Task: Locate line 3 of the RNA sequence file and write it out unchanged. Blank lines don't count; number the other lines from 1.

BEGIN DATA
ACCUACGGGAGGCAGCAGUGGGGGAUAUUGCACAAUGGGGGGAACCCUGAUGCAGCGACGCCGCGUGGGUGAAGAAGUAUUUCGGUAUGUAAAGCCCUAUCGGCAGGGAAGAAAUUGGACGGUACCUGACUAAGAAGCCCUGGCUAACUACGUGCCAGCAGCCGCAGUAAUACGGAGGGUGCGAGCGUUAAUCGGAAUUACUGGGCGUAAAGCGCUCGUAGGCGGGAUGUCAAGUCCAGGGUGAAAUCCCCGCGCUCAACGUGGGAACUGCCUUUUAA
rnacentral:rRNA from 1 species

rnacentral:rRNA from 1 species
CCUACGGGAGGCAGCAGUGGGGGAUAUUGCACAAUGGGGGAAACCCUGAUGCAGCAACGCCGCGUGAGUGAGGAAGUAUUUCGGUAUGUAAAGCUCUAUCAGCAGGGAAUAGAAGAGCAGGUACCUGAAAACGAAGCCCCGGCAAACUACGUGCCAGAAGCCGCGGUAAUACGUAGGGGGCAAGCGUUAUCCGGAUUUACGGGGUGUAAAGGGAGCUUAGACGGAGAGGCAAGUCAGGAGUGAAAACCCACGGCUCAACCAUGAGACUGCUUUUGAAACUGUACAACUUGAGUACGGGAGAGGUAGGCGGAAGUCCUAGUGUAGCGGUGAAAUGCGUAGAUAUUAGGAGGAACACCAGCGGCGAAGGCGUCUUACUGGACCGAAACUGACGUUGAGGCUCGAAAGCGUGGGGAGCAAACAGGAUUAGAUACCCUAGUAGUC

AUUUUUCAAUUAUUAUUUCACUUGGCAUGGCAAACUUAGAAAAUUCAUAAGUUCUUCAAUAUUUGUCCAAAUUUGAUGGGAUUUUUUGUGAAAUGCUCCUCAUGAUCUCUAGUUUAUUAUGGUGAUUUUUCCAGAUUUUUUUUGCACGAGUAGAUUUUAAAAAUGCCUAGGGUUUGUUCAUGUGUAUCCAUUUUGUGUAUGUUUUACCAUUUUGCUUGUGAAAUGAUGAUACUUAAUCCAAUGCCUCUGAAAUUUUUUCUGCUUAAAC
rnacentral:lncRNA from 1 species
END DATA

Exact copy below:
rnacentral:rRNA from 1 species